To accomplish this, the Board of Directors and Staff of Mariners' House are committed to the pledges below, and welcome any suggestions that will contribute to the advancement of our Mission Statement.
We Pledge To…
Provide a cheerful and restful environment for seafarers while in our city, and ensure that all our mariner guests will feel welcome.
Ensure the ongoing funding and smooth functioning of the Centre.
Provide transportation to and from ships and offer any practical assistance required, including currency exchange, phone calls, and warm clothing.
Provide religious counselling and services when requested.
Foster an interest in the welfare of seafarers.
Use all means in our power to better the conditions surrounding and affecting the seafarers, and be helpful to them in every possible way.
Montreal’s wharf and port facilities at the end of the 1800s were haphazard and temporary. Ships docked alongside piers and sheds that were created for the season and then the lumber used in their construction was auctioned off in the fall before ice built up along the shore line. It was a disorderly and rough district.
In 1862, the Protestant Montreal Sailors’ Institute (MSI) was established for the “material, social, moral and spiritual welfare of seamen temporarily in the port of Montreal". Gentlemen from the Catholic Truth Society decided that something had to be done to keep Catholic seamen from the clutches of the Protestants and so, in 1893, the first ‘modern’ facility for Roman Catholic seafarers in the world was opened, the Catholic Sailors’ Club (CSC).
Both organisations worked side by side on behalf of the visiting seafarer, who was, according to reports, “prey to the keepers of drink dens, crimps, shanghaiers and the harpies who joined them in taking his money”.
In 1914, the managers of both institutes spent a week in Quebec City supervising the identification of dead seamen as a result of the Empress of Ireland disaster, which sank off Rimouski, also directing the public funeral for the victims. They continued to cooperate during the Great War, boosting morale and, during the flu epidemic of 1918, the CSC was fitted up as a general marine emergency and harbour hospital while the MSI became a home for all seafarers.
A few years later, the two institutions set up a concert hall in the premises of the MSI. The concerts held at the Montreal institutions were among the most famous sailor gatherings in the world and for three years, during the Second World War, the Canadian Broadcasting Corporation produced a weekly series of programmes called The Merchant Navy Show which originated from the MSI.
The two organisations, the MSI and the CSC, amalgamated in 1968 to become Mariners’ House of Montreal.
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Mariners’ House of Montreal is a home away from home for thousands of seafarers annually. Our two vans travel the 25 kilometer length of the port every day to visit ships and to bring crew members to Mariners' House, then return them at the end of the evening. While at our facility, seafarers can place local and overseas calls, use the Internet, send money home to their families, exchange foreign currency, mail letters, purchase snacks, drinks, and souvenirs, and pick up tourist information.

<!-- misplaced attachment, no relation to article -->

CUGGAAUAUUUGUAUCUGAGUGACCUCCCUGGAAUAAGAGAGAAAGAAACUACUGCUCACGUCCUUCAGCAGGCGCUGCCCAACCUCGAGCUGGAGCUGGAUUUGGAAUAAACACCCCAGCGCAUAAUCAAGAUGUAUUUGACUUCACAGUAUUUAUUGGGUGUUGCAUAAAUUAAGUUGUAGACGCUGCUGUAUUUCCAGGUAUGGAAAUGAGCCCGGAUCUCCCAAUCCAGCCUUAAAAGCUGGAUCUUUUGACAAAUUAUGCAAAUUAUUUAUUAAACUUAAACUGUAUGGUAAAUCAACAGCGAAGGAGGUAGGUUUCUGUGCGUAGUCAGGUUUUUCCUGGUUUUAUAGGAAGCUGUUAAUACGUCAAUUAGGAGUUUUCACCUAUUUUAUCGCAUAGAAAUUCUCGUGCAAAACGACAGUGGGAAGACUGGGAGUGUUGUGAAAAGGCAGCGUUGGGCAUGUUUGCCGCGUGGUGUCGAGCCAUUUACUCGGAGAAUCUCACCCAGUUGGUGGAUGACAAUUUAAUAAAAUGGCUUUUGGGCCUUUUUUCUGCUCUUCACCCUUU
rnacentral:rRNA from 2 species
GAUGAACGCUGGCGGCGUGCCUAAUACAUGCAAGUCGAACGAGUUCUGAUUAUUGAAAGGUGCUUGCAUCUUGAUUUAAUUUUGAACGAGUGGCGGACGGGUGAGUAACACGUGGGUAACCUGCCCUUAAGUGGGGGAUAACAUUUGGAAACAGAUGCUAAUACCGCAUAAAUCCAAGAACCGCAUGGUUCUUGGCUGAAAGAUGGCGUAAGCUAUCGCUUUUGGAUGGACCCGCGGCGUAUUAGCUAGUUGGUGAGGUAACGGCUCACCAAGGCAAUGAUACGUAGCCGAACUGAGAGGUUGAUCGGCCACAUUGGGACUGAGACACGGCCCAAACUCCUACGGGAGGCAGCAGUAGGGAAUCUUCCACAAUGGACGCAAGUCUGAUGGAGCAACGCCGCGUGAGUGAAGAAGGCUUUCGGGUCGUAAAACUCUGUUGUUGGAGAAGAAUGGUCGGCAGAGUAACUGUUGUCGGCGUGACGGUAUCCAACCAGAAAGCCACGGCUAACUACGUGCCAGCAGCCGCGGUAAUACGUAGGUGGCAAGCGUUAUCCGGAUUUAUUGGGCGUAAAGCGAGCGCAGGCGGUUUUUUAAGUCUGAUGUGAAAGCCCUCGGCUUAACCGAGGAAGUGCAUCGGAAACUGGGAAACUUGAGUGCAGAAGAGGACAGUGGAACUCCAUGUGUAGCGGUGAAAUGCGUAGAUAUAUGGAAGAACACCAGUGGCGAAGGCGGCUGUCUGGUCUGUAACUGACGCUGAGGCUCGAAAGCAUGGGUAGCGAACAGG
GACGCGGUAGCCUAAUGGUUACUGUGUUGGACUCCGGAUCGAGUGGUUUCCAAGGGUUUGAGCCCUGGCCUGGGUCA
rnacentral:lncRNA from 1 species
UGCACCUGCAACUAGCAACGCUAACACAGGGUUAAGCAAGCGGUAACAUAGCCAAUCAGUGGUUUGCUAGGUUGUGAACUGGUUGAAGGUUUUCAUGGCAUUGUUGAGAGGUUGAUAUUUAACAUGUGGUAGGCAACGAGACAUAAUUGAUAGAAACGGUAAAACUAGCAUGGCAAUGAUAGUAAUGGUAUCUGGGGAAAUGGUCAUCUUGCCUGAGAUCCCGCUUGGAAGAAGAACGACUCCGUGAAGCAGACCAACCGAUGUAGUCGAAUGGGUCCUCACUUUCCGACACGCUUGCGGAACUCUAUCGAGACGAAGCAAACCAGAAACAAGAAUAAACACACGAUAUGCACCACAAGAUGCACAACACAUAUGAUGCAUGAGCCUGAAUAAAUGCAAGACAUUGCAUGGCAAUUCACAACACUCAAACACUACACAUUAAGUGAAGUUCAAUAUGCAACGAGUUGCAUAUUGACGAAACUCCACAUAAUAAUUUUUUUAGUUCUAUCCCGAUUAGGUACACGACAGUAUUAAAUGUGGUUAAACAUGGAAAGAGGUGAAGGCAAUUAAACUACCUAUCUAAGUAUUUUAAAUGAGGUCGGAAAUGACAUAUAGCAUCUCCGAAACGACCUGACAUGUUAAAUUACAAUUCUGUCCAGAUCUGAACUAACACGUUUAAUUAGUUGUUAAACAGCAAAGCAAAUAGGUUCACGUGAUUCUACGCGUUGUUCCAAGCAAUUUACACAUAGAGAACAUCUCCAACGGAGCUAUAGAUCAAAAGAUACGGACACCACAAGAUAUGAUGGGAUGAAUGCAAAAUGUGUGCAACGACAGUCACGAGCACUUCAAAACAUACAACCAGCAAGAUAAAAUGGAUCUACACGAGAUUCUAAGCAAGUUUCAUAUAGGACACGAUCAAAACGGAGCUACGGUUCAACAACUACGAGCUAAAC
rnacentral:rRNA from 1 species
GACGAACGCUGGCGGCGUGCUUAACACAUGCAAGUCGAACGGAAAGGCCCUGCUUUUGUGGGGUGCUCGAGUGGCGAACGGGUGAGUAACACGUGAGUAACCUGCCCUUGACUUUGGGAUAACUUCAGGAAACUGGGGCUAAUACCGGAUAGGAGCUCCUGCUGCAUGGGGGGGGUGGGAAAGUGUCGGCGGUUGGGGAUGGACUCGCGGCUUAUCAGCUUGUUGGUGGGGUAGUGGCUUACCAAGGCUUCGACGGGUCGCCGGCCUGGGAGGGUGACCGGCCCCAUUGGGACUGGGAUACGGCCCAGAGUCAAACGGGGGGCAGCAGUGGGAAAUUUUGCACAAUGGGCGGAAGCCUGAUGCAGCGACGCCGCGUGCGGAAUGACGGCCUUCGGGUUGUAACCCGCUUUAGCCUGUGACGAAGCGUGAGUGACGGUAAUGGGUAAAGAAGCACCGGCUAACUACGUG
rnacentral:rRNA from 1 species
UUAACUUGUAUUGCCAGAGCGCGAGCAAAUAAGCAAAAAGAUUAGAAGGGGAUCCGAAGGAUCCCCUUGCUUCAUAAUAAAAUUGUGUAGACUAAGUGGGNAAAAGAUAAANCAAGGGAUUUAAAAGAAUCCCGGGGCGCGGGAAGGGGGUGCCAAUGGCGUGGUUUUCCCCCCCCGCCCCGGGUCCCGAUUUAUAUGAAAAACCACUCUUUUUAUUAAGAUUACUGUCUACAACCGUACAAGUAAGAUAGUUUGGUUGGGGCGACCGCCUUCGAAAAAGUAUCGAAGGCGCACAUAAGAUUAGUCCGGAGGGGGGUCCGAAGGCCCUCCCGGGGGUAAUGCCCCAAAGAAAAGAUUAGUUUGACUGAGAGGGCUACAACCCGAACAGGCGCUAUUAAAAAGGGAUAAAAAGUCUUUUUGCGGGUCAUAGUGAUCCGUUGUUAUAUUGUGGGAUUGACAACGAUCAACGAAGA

In winter, warm clothing is donated to needy seafarers, who often arrive clad in sandals and cotton shirts. The annual Christmas Eve party ensures that seafarers share in the season’s celebrations. Approximately 1,700 gifts are given to those in attendance and to others on vessels scheduled to spend Christmas at sea.
Seafarers can also choose from a variety of recreational activities including pool, table tennis, and Karaoke. Books, magazines and television are also at their disposal. The Sea Chest store sells refreshments, candy, toiletries and souvenirs. And free coffee is always available!
While Mariners’ House is non-denominational, we will cater to the seafarers’ spiritual needs upon request and have a chapel on our premises and chaplains for counselling.
Historically, the majority of ships were crewed by men from the so-called ‘traditional’ seafaring nations, most of whom shared the same beliefs and values and came from similar economic backgrounds. As the steamship business became increasingly competitive throughout the world, the registry of many ships were transferred to 'flags of convenience'. In addition to offering tax breaks, this practice enabled owners to employ seafarers, often from underdeveloped nations, whose demands were much less than those of their counterparts in the developed world.
The result is that vessels crewed by a wide variety of seafarers from vastly different economic, cultural and religious backgrounds became the rule rather than the exception. Most mariners today are foreign nationals — men and women from over 70 countries use our services. These hard-working people leave their families behind for up to a year at a time in order to support them. Besides being lonely and disoriented so far from home, seafarers are nearly invisible in the society they serve.
This changing environment has had a profound effect on our missions. Where previously we dealt with many vessels, large crews and predominantly Christian seafarers, today we are faced with fewer ships and small, multinational crews of mixed religions. Given the special needs and circumstances of many of the seafarers crewing today’s ships, there is a greater requirement than ever for the continued existence of the missions.
Many of today’s seafarers, especially those from underdeveloped nations, have needs that go beyond the desire for companionship, recreation and a break from routine. Some may have complaints about conditions on board, while others may encounter social or religious discrimination, both ashore and afloat.
The seafarers’ club is just as necessary today in all ports of the world to offer a friendly haven and practical assistance.